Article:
Apple is an unusually privacy-focused company in the Big Tech world, so its potential violations of user privacy tend to gather a lot of attention.
This proved to be the case with a report last week from the privacy site Reclaim the Net, which noted that Apple’s Safari browser sometimes sends information about the sites users are visiting off to Google and China’s Tencent, to check whether or not those webpages are fraudulent. The report particularly focused on Tencent’s alleged ties to the Chinese Communist Party.
Apple responded yesterday by explaining how the mechanism in question—the Safari Fraudulent Website Warning—is designed to protect privacy.
However, experts say this may break a key privacy law in the European Union because users do not give their explicit consent to their data being shared in this way.
Here’s how Apple’s Fraudulent Website Warning system works: The Safari browser alerts users when they visit websites that are known to be fraudulent—for example, websites trying to fool people into thinking they are other sites, so as to con them into divulging passwords. This information is regularly updated, with the underlying data coming from Google and—for users located on the Chinese mainland—Tencent.
As Johns Hopkins cryptography professor Matthew Green explained in a Sunday blogpost about the situation, Google’s current approach to flagging up fraudulent sites does not involve sending the company every web address (or URL) that a user visits‐the privacy implications of that would obviously be horrendous.
What happens instead is that Google creates a “hash” of each unsafe URL in its database. In other words, its algorithm translates the address into a mathematical representation, in a way that allows a visited URL to be checked against that entry (since the algorithm would always turn it into the same string of characters) but that does not allow reverse-translation back to a recognizable web address. Google then abbreviates these hashes and sends the short versions off to browsers such as Safari.
The browser creates a hash of each web address its user is trying to visit, and checks it against its list of Google- or Tencent-provided abbreviated hashes. If there’s a match, Safari then asks the provider for the full-length hash, to make sure if the site is fraudulent or not.
In theory, that means Google (or Tencent) does not get to monitor Safari users’ surfing habits. However, as Green noted: “The weakness in this approach is that it only provides some privacy. The typical user won’t just visit a single URL, they’ll browse thousands of URLs over time. This means a malicious provider will have many ‘bites at the apple’ (no pun intended) in order to de-anonymize that user.”
Apple stressed in its statement that Tencent only received data from users with their region set to China, adding: “The actual URL of a website you visit is never shared with a safe browsing provider and the feature can be turned off.”
The system may be designed to protect users from phishing attacks that fool them into handing over bank passwords and the like, but—because people have to opt out of this system, rather than opting in—it could also fall foul of EU online privacy rules.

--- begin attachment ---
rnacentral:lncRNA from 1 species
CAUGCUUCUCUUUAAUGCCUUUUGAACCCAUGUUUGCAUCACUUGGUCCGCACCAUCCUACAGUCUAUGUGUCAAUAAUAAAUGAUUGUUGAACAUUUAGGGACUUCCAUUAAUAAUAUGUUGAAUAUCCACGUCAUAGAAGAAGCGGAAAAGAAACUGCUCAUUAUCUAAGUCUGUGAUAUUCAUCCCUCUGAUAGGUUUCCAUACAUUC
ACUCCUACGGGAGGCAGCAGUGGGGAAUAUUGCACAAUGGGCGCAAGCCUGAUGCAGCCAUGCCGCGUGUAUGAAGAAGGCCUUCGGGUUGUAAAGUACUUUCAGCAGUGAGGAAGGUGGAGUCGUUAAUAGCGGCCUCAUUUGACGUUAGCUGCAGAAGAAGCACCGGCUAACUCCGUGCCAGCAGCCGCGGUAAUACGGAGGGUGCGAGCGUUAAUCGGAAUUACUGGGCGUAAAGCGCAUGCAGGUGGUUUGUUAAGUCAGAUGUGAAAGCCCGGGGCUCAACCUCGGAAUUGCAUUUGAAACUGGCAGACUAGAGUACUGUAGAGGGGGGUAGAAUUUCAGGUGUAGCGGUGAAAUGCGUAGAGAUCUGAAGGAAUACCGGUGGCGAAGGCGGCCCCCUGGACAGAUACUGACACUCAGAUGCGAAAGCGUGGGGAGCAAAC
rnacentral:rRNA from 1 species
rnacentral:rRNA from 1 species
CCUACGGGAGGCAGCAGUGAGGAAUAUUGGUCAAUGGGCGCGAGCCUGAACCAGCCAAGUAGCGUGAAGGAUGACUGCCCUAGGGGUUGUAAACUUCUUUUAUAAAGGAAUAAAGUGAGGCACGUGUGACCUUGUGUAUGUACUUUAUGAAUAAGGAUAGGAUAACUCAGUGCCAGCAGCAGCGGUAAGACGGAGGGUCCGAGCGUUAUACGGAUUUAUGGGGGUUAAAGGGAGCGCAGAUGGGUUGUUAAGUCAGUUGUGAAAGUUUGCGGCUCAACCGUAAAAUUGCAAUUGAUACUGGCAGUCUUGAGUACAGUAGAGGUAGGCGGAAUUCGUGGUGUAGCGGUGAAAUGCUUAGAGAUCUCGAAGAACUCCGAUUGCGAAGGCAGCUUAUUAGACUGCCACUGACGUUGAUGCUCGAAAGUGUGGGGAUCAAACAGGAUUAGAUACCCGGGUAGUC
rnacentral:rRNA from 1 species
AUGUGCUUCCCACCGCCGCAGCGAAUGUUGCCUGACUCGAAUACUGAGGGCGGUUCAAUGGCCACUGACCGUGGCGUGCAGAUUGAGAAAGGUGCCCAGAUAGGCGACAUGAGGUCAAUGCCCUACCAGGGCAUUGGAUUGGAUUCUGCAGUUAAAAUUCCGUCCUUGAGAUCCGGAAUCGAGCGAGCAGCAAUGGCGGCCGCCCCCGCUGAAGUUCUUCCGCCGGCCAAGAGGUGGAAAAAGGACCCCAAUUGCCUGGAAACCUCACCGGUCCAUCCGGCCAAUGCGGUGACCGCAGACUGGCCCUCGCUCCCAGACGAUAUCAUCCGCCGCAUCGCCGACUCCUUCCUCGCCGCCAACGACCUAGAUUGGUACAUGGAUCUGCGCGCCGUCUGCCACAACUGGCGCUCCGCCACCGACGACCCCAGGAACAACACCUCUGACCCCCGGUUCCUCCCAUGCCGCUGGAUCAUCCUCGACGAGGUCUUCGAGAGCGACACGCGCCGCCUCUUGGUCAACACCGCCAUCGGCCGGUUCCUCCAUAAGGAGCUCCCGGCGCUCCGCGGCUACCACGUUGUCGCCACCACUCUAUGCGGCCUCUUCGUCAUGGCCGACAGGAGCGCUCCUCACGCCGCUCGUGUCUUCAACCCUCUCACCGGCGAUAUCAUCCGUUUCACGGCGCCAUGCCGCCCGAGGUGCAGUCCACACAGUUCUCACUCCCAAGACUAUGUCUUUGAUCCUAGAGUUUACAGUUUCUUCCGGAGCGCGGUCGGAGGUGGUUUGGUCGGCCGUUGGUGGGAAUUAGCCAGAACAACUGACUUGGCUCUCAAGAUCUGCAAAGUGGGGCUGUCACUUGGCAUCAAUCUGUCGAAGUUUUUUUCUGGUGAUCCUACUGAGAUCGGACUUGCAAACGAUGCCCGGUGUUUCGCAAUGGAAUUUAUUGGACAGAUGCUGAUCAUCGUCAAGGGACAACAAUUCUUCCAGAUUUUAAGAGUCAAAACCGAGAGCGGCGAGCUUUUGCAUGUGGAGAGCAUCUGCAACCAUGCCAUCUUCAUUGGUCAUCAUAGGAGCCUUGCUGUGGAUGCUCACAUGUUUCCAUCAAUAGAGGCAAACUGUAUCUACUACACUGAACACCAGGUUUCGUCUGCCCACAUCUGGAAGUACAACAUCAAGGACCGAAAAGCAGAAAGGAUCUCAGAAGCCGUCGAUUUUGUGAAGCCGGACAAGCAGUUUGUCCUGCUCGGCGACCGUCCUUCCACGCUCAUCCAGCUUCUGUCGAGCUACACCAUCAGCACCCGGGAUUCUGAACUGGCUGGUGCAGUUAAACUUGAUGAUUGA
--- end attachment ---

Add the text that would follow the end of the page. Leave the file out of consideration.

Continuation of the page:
The rule in question is not the much-feared General Data Protection Regulation (GDPR) that came into effect last year, threatening fines of up to 4% of global revenues for severe violations. While many know the GDPR as a law that requires users’ consent for handling their personal data, it is in fact more flexible than that—another legal basis for data processing is acting in the “legitimate interests” of the data subject, and fraud protection probably falls into this category.
Instead, the law Apple might be breaking is the ePrivacy Directive of 2002, which specifically deals with electronic communications—this law is best known as the one that forces sites to display “cookie” notices, though it is more wide-ranging than that.
According to Michael Veale, a lecturer in digital rights and regulation at University College London in the U.K., there are “certainly questions” about whether Apple should be asking for explicit consent before sending Google user data, even if it’s just abbreviated hashes.
That’s because the ePrivacy Directive becomes an issue when a company accesses data from a user’s “terminal device” (such as a phone) for a purpose that is not essential to the service being provided (in this case, the browser.) In such circumstances, Veale said, “GDPR-quality consent” is required.
“Arguments would exist both ways, but there’s definitely a possibility that consent would be required,” Veale said. “It’s strange Apple did not ask for one-off opt-in consent, but they may well be wary of asking individuals if the company they perceive as privacy-friendly can send even redacted browsing data to Google.”
Even if Apple has broken the EU ePrivacy Directive here, it is unlikely that it would suffer a serious punishment.
The directive is now ancient in tech-world terms, and it gives individual EU countries discretion over the fines they can levy for transgressions. So, while GDPR violations can theoretically lead to fines in the billions of dollars, the U.K. for example has a $630,000 cap on ePrivacy fines.
The ePrivacy Directive was supposed to have been replaced by a tougher ePrivacy Regulation at the same time as the GDPR came into effect in May 2018, with maximum fines at the same high level as those under the GDPR. But, likely thanks to extremely heavy lobbying, the ePrivacy Regulation has been stuck in legislative limbo for the last two years. While the European Commission and Parliament have passed a draft version, the EU’s member states still haven’t been able to agree on a final version.
Apple did not respond to a question about the legality of its safe browsing mechanism under EU privacy law, instead providing a more general statement about how the system works. Google did not respond to a request for comment.